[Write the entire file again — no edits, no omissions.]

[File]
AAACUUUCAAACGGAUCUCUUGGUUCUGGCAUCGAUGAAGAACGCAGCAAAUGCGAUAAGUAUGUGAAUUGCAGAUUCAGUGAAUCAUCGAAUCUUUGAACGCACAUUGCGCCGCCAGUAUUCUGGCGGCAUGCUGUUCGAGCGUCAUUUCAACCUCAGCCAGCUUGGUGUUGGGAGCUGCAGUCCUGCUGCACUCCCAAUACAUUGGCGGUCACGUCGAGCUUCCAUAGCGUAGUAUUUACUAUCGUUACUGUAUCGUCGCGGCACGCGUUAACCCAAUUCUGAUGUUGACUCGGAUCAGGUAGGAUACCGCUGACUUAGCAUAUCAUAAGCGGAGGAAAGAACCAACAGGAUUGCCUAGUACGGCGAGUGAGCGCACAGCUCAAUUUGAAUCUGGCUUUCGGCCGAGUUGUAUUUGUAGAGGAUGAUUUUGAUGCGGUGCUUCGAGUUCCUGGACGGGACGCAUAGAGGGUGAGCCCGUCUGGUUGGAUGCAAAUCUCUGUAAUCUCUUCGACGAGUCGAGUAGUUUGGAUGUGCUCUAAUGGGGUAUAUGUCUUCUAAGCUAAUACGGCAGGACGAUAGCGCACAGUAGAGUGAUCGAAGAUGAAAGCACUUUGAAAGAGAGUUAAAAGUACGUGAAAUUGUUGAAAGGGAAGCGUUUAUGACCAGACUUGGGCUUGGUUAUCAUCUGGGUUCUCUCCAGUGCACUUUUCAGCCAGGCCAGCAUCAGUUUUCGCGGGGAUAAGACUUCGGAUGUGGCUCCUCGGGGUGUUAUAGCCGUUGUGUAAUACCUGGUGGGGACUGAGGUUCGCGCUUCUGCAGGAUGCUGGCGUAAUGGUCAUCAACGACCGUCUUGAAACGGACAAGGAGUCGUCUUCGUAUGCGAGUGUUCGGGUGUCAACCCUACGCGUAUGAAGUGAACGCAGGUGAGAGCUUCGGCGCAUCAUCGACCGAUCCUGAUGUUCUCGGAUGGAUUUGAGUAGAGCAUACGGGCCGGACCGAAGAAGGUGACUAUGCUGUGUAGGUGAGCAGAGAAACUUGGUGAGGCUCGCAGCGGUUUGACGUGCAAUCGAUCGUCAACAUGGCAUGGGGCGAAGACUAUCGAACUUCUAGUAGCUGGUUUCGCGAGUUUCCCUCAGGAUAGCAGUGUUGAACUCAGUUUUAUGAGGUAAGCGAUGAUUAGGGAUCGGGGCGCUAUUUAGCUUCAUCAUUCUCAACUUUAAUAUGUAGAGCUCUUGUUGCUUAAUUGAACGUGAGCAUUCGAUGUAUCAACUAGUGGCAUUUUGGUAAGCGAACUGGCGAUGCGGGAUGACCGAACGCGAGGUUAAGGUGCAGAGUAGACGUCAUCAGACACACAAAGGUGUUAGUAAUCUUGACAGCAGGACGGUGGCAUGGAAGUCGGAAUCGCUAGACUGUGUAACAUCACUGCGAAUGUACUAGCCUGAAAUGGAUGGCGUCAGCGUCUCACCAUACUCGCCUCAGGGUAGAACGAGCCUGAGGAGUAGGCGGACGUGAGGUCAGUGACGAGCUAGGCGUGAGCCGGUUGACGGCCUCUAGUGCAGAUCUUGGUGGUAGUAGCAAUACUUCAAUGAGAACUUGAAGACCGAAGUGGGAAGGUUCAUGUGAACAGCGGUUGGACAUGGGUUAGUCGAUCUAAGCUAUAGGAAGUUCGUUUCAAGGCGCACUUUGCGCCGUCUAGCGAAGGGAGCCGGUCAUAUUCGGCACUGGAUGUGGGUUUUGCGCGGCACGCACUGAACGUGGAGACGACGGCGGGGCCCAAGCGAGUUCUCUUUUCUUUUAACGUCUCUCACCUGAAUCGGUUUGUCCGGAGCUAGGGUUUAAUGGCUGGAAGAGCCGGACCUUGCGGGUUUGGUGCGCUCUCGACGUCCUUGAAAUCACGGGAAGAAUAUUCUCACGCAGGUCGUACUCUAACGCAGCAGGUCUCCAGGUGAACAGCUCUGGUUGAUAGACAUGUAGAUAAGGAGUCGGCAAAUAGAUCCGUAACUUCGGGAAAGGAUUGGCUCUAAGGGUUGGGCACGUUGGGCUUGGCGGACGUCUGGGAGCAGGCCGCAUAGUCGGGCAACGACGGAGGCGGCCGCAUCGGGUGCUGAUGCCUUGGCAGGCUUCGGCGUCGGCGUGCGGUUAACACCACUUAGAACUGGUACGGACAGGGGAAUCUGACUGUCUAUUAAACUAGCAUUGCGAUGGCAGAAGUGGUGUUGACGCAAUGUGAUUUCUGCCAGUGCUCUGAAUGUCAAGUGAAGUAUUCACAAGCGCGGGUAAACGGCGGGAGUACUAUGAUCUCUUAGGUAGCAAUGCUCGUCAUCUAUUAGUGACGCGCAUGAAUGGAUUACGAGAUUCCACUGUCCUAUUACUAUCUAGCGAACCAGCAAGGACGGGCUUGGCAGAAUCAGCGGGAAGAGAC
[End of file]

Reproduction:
AAACUUUCAAACGGAUCUCUUGGUUCUGGCAUCGAUGAAGAACGCAGCAAAUGCGAUAAGUAUGUGAAUUGCAGAUUCAGUGAAUCAUCGAAUCUUUGAACGCACAUUGCGCCGCCAGUAUUCUGGCGGCAUGCUGUUCGAGCGUCAUUUCAACCUCAGCCAGCUUGGUGUUGGGAGCUGCAGUCCUGCUGCACUCCCAAUACAUUGGCGGUCACGUCGAGCUUCCAUAGCGUAGUAUUUACUAUCGUUACUGUAUCGUCGCGGCACGCGUUAACCCAAUUCUGAUGUUGACUCGGAUCAGGUAGGAUACCGCUGACUUAGCAUAUCAUAAGCGGAGGAAAGAACCAACAGGAUUGCCUAGUACGGCGAGUGAGCGCACAGCUCAAUUUGAAUCUGGCUUUCGGCCGAGUUGUAUUUGUAGAGGAUGAUUUUGAUGCGGUGCUUCGAGUUCCUGGACGGGACGCAUAGAGGGUGAGCCCGUCUGGUUGGAUGCAAAUCUCUGUAAUCUCUUCGACGAGUCGAGUAGUUUGGAUGUGCUCUAAUGGGGUAUAUGUCUUCUAAGCUAAUACGGCAGGACGAUAGCGCACAGUAGAGUGAUCGAAGAUGAAAGCACUUUGAAAGAGAGUUAAAAGUACGUGAAAUUGUUGAAAGGGAAGCGUUUAUGACCAGACUUGGGCUUGGUUAUCAUCUGGGUUCUCUCCAGUGCACUUUUCAGCCAGGCCAGCAUCAGUUUUCGCGGGGAUAAGACUUCGGAUGUGGCUCCUCGGGGUGUUAUAGCCGUUGUGUAAUACCUGGUGGGGACUGAGGUUCGCGCUUCUGCAGGAUGCUGGCGUAAUGGUCAUCAACGACCGUCUUGAAACGGACAAGGAGUCGUCUUCGUAUGCGAGUGUUCGGGUGUCAACCCUACGCGUAUGAAGUGAACGCAGGUGAGAGCUUCGGCGCAUCAUCGACCGAUCCUGAUGUUCUCGGAUGGAUUUGAGUAGAGCAUACGGGCCGGACCGAAGAAGGUGACUAUGCUGUGUAGGUGAGCAGAGAAACUUGGUGAGGCUCGCAGCGGUUUGACGUGCAAUCGAUCGUCAACAUGGCAUGGGGCGAAGACUAUCGAACUUCUAGUAGCUGGUUUCGCGAGUUUCCCUCAGGAUAGCAGUGUUGAACUCAGUUUUAUGAGGUAAGCGAUGAUUAGGGAUCGGGGCGCUAUUUAGCUUCAUCAUUCUCAACUUUAAUAUGUAGAGCUCUUGUUGCUUAAUUGAACGUGAGCAUUCGAUGUAUCAACUAGUGGCAUUUUGGUAAGCGAACUGGCGAUGCGGGAUGACCGAACGCGAGGUUAAGGUGCAGAGUAGACGUCAUCAGACACACAAAGGUGUUAGUAAUCUUGACAGCAGGACGGUGGCAUGGAAGUCGGAAUCGCUAGACUGUGUAACAUCACUGCGAAUGUACUAGCCUGAAAUGGAUGGCGUCAGCGUCUCACCAUACUCGCCUCAGGGUAGAACGAGCCUGAGGAGUAGGCGGACGUGAGGUCAGUGACGAGCUAGGCGUGAGCCGGUUGACGGCCUCUAGUGCAGAUCUUGGUGGUAGUAGCAAUACUUCAAUGAGAACUUGAAGACCGAAGUGGGAAGGUUCAUGUGAACAGCGGUUGGACAUGGGUUAGUCGAUCUAAGCUAUAGGAAGUUCGUUUCAAGGCGCACUUUGCGCCGUCUAGCGAAGGGAGCCGGUCAUAUUCGGCACUGGAUGUGGGUUUUGCGCGGCACGCACUGAACGUGGAGACGACGGCGGGGCCCAAGCGAGUUCUCUUUUCUUUUAACGUCUCUCACCUGAAUCGGUUUGUCCGGAGCUAGGGUUUAAUGGCUGGAAGAGCCGGACCUUGCGGGUUUGGUGCGCUCUCGACGUCCUUGAAAUCACGGGAAGAAUAUUCUCACGCAGGUCGUACUCUAACGCAGCAGGUCUCCAGGUGAACAGCUCUGGUUGAUAGACAUGUAGAUAAGGAGUCGGCAAAUAGAUCCGUAACUUCGGGAAAGGAUUGGCUCUAAGGGUUGGGCACGUUGGGCUUGGCGGACGUCUGGGAGCAGGCCGCAUAGUCGGGCAACGACGGAGGCGGCCGCAUCGGGUGCUGAUGCCUUGGCAGGCUUCGGCGUCGGCGUGCGGUUAACACCACUUAGAACUGGUACGGACAGGGGAAUCUGACUGUCUAUUAAACUAGCAUUGCGAUGGCAGAAGUGGUGUUGACGCAAUGUGAUUUCUGCCAGUGCUCUGAAUGUCAAGUGAAGUAUUCACAAGCGCGGGUAAACGGCGGGAGUACUAUGAUCUCUUAGGUAGCAAUGCUCGUCAUCUAUUAGUGACGCGCAUGAAUGGAUUACGAGAUUCCACUGUCCUAUUACUAUCUAGCGAACCAGCAAGGACGGGCUUGGCAGAAUCAGCGGGAAGAGAC